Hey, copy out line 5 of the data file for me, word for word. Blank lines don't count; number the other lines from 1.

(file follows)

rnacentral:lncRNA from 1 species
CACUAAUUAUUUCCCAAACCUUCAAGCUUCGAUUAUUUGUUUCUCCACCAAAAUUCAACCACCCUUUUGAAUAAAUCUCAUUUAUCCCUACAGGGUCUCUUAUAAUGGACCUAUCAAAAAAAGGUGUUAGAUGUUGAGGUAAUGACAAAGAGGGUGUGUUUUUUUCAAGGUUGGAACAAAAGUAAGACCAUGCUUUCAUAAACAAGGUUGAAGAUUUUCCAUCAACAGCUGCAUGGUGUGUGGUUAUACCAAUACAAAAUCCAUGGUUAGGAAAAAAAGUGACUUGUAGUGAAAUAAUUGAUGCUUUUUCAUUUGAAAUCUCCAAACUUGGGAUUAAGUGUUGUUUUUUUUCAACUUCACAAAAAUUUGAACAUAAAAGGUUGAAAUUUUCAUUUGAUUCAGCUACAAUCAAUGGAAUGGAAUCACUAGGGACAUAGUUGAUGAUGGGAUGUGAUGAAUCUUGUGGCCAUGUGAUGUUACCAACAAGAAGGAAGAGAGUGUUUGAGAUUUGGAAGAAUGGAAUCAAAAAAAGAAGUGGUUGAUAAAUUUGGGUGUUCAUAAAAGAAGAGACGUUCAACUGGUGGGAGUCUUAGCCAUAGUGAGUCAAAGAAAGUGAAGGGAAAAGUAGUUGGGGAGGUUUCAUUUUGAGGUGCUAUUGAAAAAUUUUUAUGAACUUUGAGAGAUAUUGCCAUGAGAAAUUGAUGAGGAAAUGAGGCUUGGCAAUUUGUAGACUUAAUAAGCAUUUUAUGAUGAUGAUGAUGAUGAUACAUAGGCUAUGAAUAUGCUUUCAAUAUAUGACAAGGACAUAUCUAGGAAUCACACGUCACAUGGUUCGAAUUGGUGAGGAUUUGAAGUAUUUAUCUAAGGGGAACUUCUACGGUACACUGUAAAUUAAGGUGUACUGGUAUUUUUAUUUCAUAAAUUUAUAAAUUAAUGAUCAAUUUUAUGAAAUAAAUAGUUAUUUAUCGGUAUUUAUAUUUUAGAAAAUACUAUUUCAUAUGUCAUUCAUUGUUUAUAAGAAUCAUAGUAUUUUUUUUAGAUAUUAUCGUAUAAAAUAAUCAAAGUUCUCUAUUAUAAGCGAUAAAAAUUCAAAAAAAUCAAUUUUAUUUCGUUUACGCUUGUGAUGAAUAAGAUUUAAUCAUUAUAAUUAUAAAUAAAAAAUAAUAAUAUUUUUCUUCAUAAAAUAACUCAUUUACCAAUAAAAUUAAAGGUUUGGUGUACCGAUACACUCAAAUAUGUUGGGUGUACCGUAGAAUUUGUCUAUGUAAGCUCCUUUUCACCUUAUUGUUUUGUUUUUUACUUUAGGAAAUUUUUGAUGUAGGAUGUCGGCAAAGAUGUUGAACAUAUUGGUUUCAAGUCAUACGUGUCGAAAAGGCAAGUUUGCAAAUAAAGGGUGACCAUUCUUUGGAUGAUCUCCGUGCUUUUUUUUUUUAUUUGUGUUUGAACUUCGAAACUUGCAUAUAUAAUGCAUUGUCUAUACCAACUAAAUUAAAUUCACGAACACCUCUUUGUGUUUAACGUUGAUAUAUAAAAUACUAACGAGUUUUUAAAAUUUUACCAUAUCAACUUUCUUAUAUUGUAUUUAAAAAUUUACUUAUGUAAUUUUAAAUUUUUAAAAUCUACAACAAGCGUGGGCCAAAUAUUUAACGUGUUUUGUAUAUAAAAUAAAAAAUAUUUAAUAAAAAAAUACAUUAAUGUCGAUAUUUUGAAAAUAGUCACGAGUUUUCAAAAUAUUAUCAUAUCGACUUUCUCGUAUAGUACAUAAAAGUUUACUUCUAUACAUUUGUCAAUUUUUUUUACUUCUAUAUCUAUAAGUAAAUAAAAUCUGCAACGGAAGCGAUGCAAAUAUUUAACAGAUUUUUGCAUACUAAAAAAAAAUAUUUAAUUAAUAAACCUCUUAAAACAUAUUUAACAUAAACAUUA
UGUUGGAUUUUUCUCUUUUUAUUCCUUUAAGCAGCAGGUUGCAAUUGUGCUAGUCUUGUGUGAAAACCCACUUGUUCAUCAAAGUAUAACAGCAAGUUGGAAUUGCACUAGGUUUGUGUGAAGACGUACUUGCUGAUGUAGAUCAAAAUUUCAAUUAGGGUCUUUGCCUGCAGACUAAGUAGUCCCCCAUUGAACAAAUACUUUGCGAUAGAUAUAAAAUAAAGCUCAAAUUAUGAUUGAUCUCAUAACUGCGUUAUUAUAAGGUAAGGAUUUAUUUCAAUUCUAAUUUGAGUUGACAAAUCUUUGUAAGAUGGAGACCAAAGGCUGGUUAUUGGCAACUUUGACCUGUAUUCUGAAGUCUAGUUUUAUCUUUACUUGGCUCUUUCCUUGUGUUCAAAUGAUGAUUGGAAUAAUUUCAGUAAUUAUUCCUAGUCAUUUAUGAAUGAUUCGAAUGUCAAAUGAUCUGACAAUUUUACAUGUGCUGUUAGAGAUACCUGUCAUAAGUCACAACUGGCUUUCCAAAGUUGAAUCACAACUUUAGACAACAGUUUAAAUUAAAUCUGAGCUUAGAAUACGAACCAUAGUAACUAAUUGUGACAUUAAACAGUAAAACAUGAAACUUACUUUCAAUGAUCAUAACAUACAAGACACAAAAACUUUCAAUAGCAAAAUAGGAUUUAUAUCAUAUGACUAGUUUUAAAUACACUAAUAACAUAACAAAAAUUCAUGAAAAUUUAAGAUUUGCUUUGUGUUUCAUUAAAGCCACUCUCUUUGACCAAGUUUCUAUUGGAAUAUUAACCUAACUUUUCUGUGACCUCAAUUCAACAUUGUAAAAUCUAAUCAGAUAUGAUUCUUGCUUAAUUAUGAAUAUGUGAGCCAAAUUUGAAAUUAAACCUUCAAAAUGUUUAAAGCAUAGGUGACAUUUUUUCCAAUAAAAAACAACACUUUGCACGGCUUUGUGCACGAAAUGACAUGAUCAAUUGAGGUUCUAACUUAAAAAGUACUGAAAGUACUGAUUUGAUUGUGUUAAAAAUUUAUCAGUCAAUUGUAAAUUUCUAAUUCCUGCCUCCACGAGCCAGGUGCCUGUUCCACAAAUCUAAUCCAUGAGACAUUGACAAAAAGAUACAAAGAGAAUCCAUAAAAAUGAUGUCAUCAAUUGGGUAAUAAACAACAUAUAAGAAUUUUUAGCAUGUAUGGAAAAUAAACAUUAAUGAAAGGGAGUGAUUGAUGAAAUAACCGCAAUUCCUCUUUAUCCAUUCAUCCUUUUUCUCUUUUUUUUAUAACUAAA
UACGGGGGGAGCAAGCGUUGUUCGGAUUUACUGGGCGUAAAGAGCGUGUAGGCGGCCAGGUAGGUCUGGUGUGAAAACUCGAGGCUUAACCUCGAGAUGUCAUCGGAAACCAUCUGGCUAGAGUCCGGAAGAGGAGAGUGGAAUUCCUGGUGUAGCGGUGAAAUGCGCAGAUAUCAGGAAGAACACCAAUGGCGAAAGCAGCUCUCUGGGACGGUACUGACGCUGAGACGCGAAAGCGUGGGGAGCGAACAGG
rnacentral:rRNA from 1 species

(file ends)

rnacentral:rRNA from 1 species